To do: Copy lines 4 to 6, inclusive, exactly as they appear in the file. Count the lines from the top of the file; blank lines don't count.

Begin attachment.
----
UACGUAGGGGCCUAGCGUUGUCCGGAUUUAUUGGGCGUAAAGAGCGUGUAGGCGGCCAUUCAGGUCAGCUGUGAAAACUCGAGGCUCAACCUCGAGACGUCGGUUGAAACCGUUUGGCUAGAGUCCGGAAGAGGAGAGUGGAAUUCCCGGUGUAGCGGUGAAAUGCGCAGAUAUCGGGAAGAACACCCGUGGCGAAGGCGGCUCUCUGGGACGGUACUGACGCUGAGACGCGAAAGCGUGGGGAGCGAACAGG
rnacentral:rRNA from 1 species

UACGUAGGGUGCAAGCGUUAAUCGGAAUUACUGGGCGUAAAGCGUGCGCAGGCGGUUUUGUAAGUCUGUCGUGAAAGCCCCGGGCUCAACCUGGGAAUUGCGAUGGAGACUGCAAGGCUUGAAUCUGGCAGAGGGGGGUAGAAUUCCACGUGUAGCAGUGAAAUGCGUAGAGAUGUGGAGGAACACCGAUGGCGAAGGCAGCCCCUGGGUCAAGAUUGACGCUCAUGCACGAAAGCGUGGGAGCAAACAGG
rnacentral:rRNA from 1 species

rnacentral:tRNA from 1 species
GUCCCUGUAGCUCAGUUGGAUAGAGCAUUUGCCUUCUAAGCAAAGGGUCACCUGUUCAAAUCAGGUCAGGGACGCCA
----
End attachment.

rnacentral:rRNA from 1 species

rnacentral:tRNA from 1 species
GUCCCUGUAGCUCAGUUGGAUAGAGCAUUUGCCUUCUAAGCAAAGGGUCACCUGUUCAAAUCAGGUCAGGGACGCCA